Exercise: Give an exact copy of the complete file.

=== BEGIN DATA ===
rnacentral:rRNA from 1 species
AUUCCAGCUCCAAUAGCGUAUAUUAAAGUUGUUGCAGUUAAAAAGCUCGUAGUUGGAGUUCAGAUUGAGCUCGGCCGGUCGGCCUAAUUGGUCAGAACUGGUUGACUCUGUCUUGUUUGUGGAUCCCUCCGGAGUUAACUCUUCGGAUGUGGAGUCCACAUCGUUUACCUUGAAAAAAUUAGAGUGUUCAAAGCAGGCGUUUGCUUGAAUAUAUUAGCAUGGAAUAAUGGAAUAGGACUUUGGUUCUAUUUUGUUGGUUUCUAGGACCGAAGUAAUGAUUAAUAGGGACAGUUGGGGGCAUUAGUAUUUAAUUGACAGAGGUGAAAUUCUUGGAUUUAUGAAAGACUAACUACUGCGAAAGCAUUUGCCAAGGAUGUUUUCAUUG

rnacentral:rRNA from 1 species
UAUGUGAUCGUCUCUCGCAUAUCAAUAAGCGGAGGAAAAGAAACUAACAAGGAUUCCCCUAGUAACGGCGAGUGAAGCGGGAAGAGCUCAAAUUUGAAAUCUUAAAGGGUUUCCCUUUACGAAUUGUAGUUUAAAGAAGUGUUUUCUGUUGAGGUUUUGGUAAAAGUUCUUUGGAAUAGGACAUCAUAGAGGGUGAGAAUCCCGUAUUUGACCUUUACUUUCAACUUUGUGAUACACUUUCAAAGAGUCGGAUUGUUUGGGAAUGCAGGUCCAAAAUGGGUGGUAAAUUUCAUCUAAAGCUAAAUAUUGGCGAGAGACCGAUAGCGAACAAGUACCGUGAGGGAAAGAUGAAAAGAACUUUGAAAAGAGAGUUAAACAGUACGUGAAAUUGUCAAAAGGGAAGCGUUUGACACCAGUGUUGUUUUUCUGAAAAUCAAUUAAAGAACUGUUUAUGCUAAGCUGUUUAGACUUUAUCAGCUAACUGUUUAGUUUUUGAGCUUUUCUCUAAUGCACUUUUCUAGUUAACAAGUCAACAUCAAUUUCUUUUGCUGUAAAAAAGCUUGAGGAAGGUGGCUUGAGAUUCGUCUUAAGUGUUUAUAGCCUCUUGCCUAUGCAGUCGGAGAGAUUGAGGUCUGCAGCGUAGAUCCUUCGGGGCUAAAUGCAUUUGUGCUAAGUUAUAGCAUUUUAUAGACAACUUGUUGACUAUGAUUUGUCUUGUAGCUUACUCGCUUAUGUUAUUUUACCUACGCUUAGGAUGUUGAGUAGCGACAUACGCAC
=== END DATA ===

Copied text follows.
rnacentral:rRNA from 1 species
AUUCCAGCUCCAAUAGCGUAUAUUAAAGUUGUUGCAGUUAAAAAGCUCGUAGUUGGAGUUCAGAUUGAGCUCGGCCGGUCGGCCUAAUUGGUCAGAACUGGUUGACUCUGUCUUGUUUGUGGAUCCCUCCGGAGUUAACUCUUCGGAUGUGGAGUCCACAUCGUUUACCUUGAAAAAAUUAGAGUGUUCAAAGCAGGCGUUUGCUUGAAUAUAUUAGCAUGGAAUAAUGGAAUAGGACUUUGGUUCUAUUUUGUUGGUUUCUAGGACCGAAGUAAUGAUUAAUAGGGACAGUUGGGGGCAUUAGUAUUUAAUUGACAGAGGUGAAAUUCUUGGAUUUAUGAAAGACUAACUACUGCGAAAGCAUUUGCCAAGGAUGUUUUCAUUG

rnacentral:rRNA from 1 species
UAUGUGAUCGUCUCUCGCAUAUCAAUAAGCGGAGGAAAAGAAACUAACAAGGAUUCCCCUAGUAACGGCGAGUGAAGCGGGAAGAGCUCAAAUUUGAAAUCUUAAAGGGUUUCCCUUUACGAAUUGUAGUUUAAAGAAGUGUUUUCUGUUGAGGUUUUGGUAAAAGUUCUUUGGAAUAGGACAUCAUAGAGGGUGAGAAUCCCGUAUUUGACCUUUACUUUCAACUUUGUGAUACACUUUCAAAGAGUCGGAUUGUUUGGGAAUGCAGGUCCAAAAUGGGUGGUAAAUUUCAUCUAAAGCUAAAUAUUGGCGAGAGACCGAUAGCGAACAAGUACCGUGAGGGAAAGAUGAAAAGAACUUUGAAAAGAGAGUUAAACAGUACGUGAAAUUGUCAAAAGGGAAGCGUUUGACACCAGUGUUGUUUUUCUGAAAAUCAAUUAAAGAACUGUUUAUGCUAAGCUGUUUAGACUUUAUCAGCUAACUGUUUAGUUUUUGAGCUUUUCUCUAAUGCACUUUUCUAGUUAACAAGUCAACAUCAAUUUCUUUUGCUGUAAAAAAGCUUGAGGAAGGUGGCUUGAGAUUCGUCUUAAGUGUUUAUAGCCUCUUGCCUAUGCAGUCGGAGAGAUUGAGGUCUGCAGCGUAGAUCCUUCGGGGCUAAAUGCAUUUGUGCUAAGUUAUAGCAUUUUAUAGACAACUUGUUGACUAUGAUUUGUCUUGUAGCUUACUCGCUUAUGUUAUUUUACCUACGCUUAGGAUGUUGAGUAGCGACAUACGCAC